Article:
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Neuroimage. 2014 Mar;88:143-54. doi: 10.1016/j.neuroimage.2013.11.025. Epub 2013 Nov 21.

Diffusion properties of major white matter tracts in young, typically developing children.

Author information

1
M.I.N.D. Institute, Department of Psychiatry and Behavioral Sciences, University of California at Davis, 2825 50th Street, Sacramento, CA 95817, USA.
2
Department of Psychology, Jordan Hall, Stanford University, 450 Serra Mall, Stanford, CA 94305, USA.
3
Department of Radiology, UC Davis School of Medicine, University of California, Sacramento, CA 95817, USA.
4
M.I.N.D. Institute, Department of Psychiatry and Behavioral Sciences, University of California at Davis, 2825 50th Street, Sacramento, CA 95817, USA. Electronic address: crswu@ucdavis.edu.

Abstract

Brain development occurs rapidly during the first few years of life involving region-specific changes in both gray matter and white matter. Due to the inherent difficulties in acquiring magnetic resonance imaging data in young children, little is known about the properties of white matter in typically developing toddlers. In the context of an ongoing study of young children with autism spectrum disorder, we collected diffusion-weighted imaging data during natural nocturnal sleep in a sample of young (mean age=35months) typically developing male and female (n=41 and 25, respectively) children. Axial diffusivity, radial diffusivity, mean diffusivity and fractional anisotropy were measured at 99 points along the length of 18 major brain tracts. Influences of hemisphere, age, sex, and handedness were examined. We find that diffusion properties vary significantly along the length of the majority of tracks. We also identify hemispheric and sex differences in diffusion properties in several tracts. Finally, we find the relationship between age and diffusion parameters changes along the tract length illustrating variability in age-related white-matter development at the tract level.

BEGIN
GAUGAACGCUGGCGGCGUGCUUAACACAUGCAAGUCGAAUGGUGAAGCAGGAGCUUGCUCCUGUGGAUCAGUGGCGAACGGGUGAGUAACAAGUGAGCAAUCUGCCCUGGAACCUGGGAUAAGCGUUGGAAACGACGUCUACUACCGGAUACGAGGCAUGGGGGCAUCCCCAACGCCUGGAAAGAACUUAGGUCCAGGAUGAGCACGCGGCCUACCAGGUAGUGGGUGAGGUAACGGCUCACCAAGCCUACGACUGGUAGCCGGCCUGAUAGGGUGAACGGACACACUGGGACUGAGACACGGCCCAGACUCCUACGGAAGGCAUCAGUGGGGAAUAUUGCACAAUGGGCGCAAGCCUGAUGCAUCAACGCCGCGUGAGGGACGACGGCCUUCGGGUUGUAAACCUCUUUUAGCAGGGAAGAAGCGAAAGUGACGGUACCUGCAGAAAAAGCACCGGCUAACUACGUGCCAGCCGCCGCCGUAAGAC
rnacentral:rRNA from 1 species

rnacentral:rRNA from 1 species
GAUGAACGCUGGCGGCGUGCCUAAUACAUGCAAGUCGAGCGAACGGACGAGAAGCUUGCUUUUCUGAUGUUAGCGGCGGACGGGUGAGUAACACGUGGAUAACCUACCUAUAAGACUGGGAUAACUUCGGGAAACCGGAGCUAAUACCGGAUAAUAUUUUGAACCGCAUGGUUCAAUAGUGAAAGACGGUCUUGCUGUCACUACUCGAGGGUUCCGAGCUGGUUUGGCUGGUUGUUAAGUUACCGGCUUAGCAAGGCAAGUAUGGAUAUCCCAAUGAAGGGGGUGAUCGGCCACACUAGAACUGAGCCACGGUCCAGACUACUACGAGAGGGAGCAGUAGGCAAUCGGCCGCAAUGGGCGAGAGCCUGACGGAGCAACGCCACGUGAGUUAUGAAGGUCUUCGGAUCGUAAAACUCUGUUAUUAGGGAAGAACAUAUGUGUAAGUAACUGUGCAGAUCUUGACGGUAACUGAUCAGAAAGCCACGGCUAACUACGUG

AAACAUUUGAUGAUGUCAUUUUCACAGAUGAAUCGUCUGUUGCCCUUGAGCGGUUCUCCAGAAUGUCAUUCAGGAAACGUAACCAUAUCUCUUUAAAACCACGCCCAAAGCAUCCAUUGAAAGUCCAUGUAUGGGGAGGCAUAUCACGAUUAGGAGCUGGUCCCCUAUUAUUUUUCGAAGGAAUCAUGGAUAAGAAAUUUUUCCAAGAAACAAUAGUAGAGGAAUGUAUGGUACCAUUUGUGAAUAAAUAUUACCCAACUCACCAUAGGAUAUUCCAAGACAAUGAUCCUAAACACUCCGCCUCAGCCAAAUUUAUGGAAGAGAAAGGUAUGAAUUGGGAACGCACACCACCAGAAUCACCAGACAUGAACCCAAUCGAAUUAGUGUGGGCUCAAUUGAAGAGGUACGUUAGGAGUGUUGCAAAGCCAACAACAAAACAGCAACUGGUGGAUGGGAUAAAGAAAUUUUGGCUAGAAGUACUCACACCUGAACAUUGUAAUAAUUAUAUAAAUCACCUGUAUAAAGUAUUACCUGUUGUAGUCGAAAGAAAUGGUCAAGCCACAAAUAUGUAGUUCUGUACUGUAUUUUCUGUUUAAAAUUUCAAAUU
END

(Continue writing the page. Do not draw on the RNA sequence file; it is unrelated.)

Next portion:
KEYWORDS:

Children; Development; Laterality; Sex differences; Tractography; White matter

PMID:
24269274
PMCID:
PMC4029877
DOI:
10.1016/j.neuroimage.2013.11.025
[Indexed for MEDLINE]
Free PMC Article

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